Vaccine Education Websites: Which Ones Offer Truth?

March 17, 2017
Terry Brenneman, MD

Not all vaccine information websites were created with evidence-based medicine in mind. Which of these would you recommend to patients?

[[{"type":"media","view_mode":"media_crop","fid":"57695","attributes":{"alt":"","class":"media-image media-image-right","id":"media_crop_2736598496323","media_crop_h":"0","media_crop_image_style":"-1","media_crop_instance":"7268","media_crop_rotate":"0","media_crop_scale_h":"0","media_crop_scale_w":"0","media_crop_w":"0","media_crop_x":"0","media_crop_y":"0","style":"float: right; height: 197px; width: 300px;","title":" ","typeof":"foaf:Image"}}]]I used to think that the Hallmark card company was responsible for most of our “special days” (Nurse’s Day, Grandparent’s Day, etc.) in an attempt to sell more cards. Then, once they figured out they could please a group of constituents without having to spend any money, the politicians got involved.  What I haven’t figured out is why one group gets a special day, another gets a week, and some get a whole month. March is, for example, Ovarian Cancer awareness month, but Eating Disorders only get a week in February, and the World Encephalitis cause is limited to a single day on February 22nd.

One essential vaccination subject that is given its due and makes it to the CDC website is National Infant Immunization Week. This year it runs fromApril 22-29. Listed on the CDC's website page are a number of things medical practices and groups can do to help promote childhood vaccinations. For example, 13 different short Facebook posts with links to specific CDC websites can be copied and pasted. A media toolkit has been put together should you like to do an op-ed piece or even just a letter to the editor of your local paper.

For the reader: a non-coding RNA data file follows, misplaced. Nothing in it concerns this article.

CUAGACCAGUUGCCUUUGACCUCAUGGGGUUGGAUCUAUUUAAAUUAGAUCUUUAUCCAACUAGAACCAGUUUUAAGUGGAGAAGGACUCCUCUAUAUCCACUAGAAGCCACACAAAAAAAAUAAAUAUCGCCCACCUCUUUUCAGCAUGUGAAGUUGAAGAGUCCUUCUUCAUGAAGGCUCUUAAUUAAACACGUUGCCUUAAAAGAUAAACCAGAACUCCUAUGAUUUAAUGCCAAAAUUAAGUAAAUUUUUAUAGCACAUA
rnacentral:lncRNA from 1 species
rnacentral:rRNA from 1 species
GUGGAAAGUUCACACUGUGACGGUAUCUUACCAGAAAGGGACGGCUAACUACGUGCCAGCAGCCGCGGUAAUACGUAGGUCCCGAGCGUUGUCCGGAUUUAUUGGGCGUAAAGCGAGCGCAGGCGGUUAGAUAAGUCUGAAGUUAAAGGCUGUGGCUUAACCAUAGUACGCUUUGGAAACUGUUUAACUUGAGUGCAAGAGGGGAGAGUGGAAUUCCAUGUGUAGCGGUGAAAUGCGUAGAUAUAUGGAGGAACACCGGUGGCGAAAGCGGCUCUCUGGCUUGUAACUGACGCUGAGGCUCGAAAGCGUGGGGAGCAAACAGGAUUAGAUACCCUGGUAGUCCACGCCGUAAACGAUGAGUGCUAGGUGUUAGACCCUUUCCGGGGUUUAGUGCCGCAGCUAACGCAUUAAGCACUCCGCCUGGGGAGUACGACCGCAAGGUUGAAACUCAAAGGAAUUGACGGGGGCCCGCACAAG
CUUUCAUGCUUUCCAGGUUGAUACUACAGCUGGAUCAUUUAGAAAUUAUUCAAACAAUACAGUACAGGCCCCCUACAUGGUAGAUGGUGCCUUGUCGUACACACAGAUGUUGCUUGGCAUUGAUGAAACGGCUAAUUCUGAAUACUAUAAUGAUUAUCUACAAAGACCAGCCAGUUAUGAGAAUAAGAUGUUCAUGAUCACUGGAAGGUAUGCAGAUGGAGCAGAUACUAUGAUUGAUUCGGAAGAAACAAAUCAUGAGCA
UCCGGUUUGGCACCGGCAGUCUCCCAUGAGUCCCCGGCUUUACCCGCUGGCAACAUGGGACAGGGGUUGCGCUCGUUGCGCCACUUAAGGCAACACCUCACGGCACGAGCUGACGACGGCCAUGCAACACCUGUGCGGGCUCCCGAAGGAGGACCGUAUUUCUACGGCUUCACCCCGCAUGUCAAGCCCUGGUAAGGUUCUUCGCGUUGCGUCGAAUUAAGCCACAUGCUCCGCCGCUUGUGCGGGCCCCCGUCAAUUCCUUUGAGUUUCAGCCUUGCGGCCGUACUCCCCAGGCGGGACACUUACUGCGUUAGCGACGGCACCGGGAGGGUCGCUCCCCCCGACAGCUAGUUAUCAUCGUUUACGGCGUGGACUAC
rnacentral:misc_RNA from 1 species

Other things you might want to share on your office Facebook page or website are reputable websites for medical information on vaccines. But before you share them, would you recognize them?

Three of the following websites are NOT reliable sources of evidence-based medicine in regards to vaccines. Can you pick them out?

A. Autism Science Foundation 

B. Voices for Vaccines

C. Vaccine Impact

D. American College of Pediatricians 

E. National Vaccine Information Center

Answer and details on these Web sites on next page>>

 

Answers and details

(+) A. TheAutism Science Foundation is a great site for parents and providers interested in autism. They are pro-vaccine and have a 4-page model for talking to hesitant parents about vaccine safety. They also have a list of and links to both scientific and lay articles on vaccine safety.

(+) B. The subtitle for Voices for Vaccines is “Parents speaking up for immunization.” This site is valuable for parents and providers. Again, specific advice on how to do an op-ed piece with suggested topics is listed. Parents can read anecdotes (used so frequently and powerfully by anti-vaxxers) from parents who had refused to have their child vaccinated only to have their child contract a vaccine preventable disease.

(-) C. TheVaccine Impact web site is part of a larger Internet presence called Health Impact News whose editors pride themselves on covering “stories on vaccine safety that are censored in mainstream media” and “investigative reporting on issues challenging the monopoly on medicine that is controlled by government agencies such as the FDA, CDC, NIH, and others.” I find the site scary in the sense that they will pick parts out of a valid study and then distort the significance and/or the conclusion of the authors. But, to a lay person, it all looks very scientific.

(-) D. The American Academy of Pediatrics (AAP) is the respected group that most pediatricians join and has a membership of about 60,000. The American College of Pediatricians is a group of about 500 that was formed when the AAP voiced support for adoption by gay couples. The group considers itself “pro-vaccine,” but the web site does list a lot of concerns over the HPV vaccine and anti-vaccine sites often quote this site.

(-) E. The National Vaccine Information Center, despite its name, has nothing to do with the government and  is not a source of reliable information about vaccines and vaccination. It grew out of a group formed in the 1980s called “Dissatisfied Parents Together” whose members felt the whole cell DPT shot was injuring some children. It is arguably the most powerful and vocal antivaccine group in the United States. Its site has a special section titled “International Memorial for Vaccine Victims honoring those lives that have been lost or forever changed by vaccination.” At least this group does not try to hide its bias, unlike the “Vaccine Impact” site that shrouds itself in pseudoscience.

Perhaps we should have a “Surfing the Web for Vaccine Information” day dedicated to helping the public find the reliable sites and to recognize the ones with an ax to grind.

 

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